• Saturday, July 13, 2024
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Only 36% of Nigerian children attend early childhood education – UNICEF

Empowering the future: International day of the African child and urgency of education

Despite being the bedrock of a child’s development, only 36 percent of children in Nigeria attend Early Childhood Education (ECE), the United Nations Children’s Fund (UNICEF) disclosed on Wednesday.

The fund said at least 10 million children are not enrolled in ECE, despite the fact that it is a critical foundation for all forms of learning, and development of a child.

Yetunde Oluwatosin, UNICEF education specialist, made this known at a media dialogue on ECE organised by the Child Rights Information Bureau (CRIB) of the Federal Ministry of Education, in collaboration with UNICEF in Sokoto.

According to the education specialist, research has shown that children who attend ECE perform better and have better earnings potentials. As a consequence, she said 2 in 5 children are not on track in development.

Oluwatosin expressed concerns that the situation is worsening inequalities. She disclosed that only 8 percent of the poorest children attend early childhood education, but 78 percent of the richest children are enrolled.

Some of the bottlenecks to ECE in Nigeria, according to her include: Insufficient supply of trained teachers, limited infrastructure, poor planning, low demand, inadequate funding, lack of data, among several others.

The education specialist emphasised that Nigeria needs to take early childhood education seriously to improve the learning and economic outcome of children and the nation at large.

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In his remarks, Geoffrey Njoku, UNICEF communication specialist, expressed concerns that despite its importance , ECE is not gaining the needed attention, and has been swamped by political issues.

“ECE is the cornerstone, it is the bedrock of child development, that is why it is so important to focus on it,” he stressed, while explaining that the world is evolving and needs children who are smart enough to develop software and codes, among others.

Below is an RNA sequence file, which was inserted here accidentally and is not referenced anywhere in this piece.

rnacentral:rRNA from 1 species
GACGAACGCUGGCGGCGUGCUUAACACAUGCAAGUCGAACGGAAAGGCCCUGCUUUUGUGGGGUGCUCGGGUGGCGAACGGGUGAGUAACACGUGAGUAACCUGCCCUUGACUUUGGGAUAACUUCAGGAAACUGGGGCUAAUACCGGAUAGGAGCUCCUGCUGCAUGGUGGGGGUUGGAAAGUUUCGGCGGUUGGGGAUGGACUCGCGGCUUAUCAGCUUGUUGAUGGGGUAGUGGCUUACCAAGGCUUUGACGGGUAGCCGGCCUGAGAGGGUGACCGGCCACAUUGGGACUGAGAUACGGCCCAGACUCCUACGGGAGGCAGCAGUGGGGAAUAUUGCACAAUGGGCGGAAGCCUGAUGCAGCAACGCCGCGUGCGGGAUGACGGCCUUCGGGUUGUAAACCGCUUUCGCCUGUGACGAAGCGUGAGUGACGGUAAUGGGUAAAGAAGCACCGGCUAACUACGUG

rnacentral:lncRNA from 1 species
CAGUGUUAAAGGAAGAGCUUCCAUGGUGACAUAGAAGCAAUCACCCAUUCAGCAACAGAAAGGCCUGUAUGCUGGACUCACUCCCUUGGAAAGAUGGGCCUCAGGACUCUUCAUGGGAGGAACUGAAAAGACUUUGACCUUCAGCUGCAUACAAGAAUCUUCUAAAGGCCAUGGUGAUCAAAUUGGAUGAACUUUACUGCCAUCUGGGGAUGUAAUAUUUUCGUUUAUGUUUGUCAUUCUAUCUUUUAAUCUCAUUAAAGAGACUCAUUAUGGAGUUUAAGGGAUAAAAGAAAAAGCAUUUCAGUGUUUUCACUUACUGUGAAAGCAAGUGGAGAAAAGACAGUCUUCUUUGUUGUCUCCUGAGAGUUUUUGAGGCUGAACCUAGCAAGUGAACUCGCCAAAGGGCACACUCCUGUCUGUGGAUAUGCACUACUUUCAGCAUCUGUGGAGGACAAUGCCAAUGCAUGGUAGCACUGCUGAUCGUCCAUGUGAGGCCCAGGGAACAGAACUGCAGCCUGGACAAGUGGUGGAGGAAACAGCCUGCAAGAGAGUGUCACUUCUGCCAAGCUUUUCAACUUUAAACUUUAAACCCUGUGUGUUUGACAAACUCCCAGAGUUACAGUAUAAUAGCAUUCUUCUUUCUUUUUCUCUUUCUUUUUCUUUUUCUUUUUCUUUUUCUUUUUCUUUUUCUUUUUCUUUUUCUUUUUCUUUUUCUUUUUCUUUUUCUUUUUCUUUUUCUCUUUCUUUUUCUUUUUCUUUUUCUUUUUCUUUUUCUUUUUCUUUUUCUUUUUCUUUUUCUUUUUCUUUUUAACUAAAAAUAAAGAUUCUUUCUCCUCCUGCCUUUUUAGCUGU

He noted that the essence of the media dialogue is to develop strategies to increase ECE programmes/projects and awareness around it.

Maryam Darwesh, UNICEF chief field officer, Sokoto, , also reiterated that the development of the brain in the early years is a pathway that affects physical and mental health, learning, and behaviour throughout the life cycle.

“Children who participate in well-conceived ECD programmes tend to be more successful in later school, and are more competent socially & emotionally, as well as show higher verbal, Intellectual and physical development during early childhood than those who are not enrolled into such programme.”

Darwesh, however, regrets that many children are not accessing pre-primary education, and reiterated that pre-primary education remains a priority in UNICEF programming with the government in Nigeria.

ECE, also known as nursery education, is a branch of education theory that relates to the teaching of children (formally and informally) from birth up to the age of eight.

Data from the Universal Basic Education Commission (UBEC), shows that there are currently 3.7 million children in 33,214 public Early Childhood Care Development and Education (ECCDE), while 3. 5 million children are enrolled in 48,348 private ECCDE.